Thursday, November 20, 2008

The case against the automotive bailout

The CEOs of the top three U.S. automakers (Ford, General Motors [GM] and Chrysler) recently met in Washington DC before lawmakers to lobby for an industry bailout plan that would cost an estimated $25 billion. Their claim is that a failing automotive industry spells disaster for the U.S. economy, which will eventually have a ripple effect in the global markets. President-elect Obama supports the bailout plan and believes immediate action should be taken to prevent a major meltdown of the U.S. economy......but I have an opposing point of view on this.

OK, let's cut to the chase. First, it was $700 billion to bailout the corporate hot shots that were (and still are) gambling our savings and 401(k) money away in the Wall Street casino. Now, the millionaire, Cessna jet-flying automotive CEOs want a piece of the pie. When Michael Moore predicted back in about 1990 that GM could go "belly-up" within approximately 20 years, his predictions were viewed as blasphemous and "unpatriotic", but as we now see, he was right on the mark. Moore was recently on CNN - Larry King Live blaming the automotive industry crisis on inefficiencies, greed and overall disregard for consumer choice and concern. He said they should not get one red cent of this bailout money and I totally agree.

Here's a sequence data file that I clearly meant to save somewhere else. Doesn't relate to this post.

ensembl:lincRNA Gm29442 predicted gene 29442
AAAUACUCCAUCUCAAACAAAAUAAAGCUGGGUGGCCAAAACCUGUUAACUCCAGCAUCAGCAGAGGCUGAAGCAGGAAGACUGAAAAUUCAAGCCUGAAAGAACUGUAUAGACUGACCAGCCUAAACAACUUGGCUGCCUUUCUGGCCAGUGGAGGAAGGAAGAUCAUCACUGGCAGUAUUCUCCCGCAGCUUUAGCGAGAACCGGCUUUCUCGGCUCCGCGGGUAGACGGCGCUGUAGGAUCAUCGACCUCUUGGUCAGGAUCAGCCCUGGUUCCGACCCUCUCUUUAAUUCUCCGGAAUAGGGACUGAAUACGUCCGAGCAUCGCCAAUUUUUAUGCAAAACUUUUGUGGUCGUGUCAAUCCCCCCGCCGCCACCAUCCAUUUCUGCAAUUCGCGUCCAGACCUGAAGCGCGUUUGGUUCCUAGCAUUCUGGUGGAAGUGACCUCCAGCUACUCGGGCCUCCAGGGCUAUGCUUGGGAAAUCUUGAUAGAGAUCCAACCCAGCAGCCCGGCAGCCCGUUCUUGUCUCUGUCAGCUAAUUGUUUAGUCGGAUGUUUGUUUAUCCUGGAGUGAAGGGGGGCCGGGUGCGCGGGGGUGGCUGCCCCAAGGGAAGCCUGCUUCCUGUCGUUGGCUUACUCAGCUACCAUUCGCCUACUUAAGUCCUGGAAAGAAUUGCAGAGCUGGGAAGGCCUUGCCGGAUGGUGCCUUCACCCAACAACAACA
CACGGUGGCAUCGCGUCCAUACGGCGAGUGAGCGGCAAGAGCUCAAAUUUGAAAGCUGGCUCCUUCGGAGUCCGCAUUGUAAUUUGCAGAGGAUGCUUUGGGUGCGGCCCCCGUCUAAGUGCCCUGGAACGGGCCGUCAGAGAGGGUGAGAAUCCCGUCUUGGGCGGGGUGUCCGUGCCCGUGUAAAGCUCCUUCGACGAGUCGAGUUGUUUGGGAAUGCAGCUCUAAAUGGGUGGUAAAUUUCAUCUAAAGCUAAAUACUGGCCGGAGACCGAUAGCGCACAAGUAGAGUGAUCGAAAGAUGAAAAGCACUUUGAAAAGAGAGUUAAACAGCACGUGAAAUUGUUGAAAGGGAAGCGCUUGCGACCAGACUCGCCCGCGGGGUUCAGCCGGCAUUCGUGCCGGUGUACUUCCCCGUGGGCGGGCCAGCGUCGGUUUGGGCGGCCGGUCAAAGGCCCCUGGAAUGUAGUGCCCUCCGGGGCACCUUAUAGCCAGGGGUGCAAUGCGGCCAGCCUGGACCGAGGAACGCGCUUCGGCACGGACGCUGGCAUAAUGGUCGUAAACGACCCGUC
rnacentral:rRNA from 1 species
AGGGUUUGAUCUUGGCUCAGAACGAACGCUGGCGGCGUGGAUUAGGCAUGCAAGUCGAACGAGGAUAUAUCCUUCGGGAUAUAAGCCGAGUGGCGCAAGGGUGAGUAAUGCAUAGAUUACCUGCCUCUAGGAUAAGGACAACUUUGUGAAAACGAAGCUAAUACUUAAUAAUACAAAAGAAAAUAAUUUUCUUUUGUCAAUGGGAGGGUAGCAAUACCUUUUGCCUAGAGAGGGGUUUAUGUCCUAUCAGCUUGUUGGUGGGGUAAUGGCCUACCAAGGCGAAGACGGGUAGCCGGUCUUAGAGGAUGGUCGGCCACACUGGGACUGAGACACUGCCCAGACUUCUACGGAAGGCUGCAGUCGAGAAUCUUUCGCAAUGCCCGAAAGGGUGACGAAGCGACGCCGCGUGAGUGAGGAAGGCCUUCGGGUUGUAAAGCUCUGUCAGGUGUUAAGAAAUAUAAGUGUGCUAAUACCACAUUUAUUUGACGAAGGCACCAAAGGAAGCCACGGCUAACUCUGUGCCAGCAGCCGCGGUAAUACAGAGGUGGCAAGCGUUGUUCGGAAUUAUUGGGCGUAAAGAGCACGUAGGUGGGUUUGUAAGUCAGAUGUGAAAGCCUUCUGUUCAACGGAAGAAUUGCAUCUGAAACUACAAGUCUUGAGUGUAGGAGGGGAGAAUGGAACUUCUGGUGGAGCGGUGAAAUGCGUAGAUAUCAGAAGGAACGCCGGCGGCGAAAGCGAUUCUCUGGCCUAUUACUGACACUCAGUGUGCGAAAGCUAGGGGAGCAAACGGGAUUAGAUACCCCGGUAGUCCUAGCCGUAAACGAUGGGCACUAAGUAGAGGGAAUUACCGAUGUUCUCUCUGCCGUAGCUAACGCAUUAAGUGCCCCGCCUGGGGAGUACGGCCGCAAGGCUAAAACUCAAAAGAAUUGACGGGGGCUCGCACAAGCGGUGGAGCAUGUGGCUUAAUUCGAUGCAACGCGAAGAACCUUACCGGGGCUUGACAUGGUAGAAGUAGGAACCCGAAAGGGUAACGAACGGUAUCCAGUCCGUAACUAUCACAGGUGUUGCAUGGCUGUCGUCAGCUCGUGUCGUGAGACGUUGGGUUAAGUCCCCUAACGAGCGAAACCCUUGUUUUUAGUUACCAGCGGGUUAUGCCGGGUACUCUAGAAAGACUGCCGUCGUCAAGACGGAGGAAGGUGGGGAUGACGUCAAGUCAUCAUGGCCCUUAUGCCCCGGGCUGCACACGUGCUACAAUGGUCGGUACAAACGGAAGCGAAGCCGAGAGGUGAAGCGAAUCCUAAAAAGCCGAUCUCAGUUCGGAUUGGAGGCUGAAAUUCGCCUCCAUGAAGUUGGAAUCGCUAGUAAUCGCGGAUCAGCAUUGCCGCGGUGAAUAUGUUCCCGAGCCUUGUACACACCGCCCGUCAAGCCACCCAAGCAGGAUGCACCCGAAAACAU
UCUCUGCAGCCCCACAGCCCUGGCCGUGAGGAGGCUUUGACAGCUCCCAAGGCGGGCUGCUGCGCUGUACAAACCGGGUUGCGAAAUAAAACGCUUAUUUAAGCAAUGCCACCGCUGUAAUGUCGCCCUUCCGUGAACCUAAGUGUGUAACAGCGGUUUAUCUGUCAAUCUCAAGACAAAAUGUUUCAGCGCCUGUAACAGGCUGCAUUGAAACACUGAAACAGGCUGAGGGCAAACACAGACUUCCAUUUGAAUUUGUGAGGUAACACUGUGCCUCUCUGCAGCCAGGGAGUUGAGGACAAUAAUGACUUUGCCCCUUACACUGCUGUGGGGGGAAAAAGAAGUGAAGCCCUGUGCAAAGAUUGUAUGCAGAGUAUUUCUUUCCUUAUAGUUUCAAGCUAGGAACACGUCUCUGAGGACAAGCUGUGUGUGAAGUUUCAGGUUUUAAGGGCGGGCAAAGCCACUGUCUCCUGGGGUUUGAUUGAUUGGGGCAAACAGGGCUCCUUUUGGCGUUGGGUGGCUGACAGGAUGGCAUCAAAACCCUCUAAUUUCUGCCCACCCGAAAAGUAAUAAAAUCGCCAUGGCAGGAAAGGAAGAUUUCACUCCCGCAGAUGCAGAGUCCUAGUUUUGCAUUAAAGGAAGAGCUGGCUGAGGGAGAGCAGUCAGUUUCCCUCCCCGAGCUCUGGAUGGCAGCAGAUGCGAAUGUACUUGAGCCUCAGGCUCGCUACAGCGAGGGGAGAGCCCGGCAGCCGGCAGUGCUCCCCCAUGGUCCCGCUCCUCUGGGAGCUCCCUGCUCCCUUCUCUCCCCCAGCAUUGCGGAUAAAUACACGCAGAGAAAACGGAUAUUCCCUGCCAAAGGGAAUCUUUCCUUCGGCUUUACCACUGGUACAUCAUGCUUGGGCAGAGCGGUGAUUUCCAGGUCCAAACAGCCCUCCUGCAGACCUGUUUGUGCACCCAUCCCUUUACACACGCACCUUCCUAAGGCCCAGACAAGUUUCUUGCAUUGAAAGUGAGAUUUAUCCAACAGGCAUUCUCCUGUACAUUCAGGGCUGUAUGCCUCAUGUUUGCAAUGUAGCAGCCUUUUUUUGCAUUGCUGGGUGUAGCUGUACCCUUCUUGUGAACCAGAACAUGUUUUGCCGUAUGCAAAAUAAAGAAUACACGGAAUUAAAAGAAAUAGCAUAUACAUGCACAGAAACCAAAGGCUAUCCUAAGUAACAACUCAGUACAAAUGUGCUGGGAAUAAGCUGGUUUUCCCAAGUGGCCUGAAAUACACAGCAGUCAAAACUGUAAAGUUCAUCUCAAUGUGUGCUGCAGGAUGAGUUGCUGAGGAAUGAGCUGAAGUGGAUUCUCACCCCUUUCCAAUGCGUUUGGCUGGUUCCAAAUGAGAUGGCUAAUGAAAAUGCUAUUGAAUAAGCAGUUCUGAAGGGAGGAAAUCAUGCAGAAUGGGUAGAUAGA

The automakers had an opportunity in the past to produce a more fuel-efficient line of vehicles, but chose not to pursue this product line in favor of mass producing gas-guzzling pick-up trucks and SUVs. Not surprisingly, soon after this, the cost of fuel at the pump began to creep up and eventually skyrocket recently reaching a national average of over $4.00 a gallon. Makes me wonder if the automakers and big oil companies were in cahoots, but that is merely speculation. When you add on top of this years of fiscal irresponsibility and mismanagement, you end up with the big mess we are currently facing.

Bottom line: whose fault is this? The automakers themselves; not the U.S. labor workers who watched their jobs get shipped overseas in favor of cheaper labor which resulted in a lower quality product and not the consumers who were force-fed certain vehicle product. But, it's the U.S. taxpayers who would foot the bill of this massive bailout plan of the automotive industry. Now does this sound fair? I'll let you be the judge.

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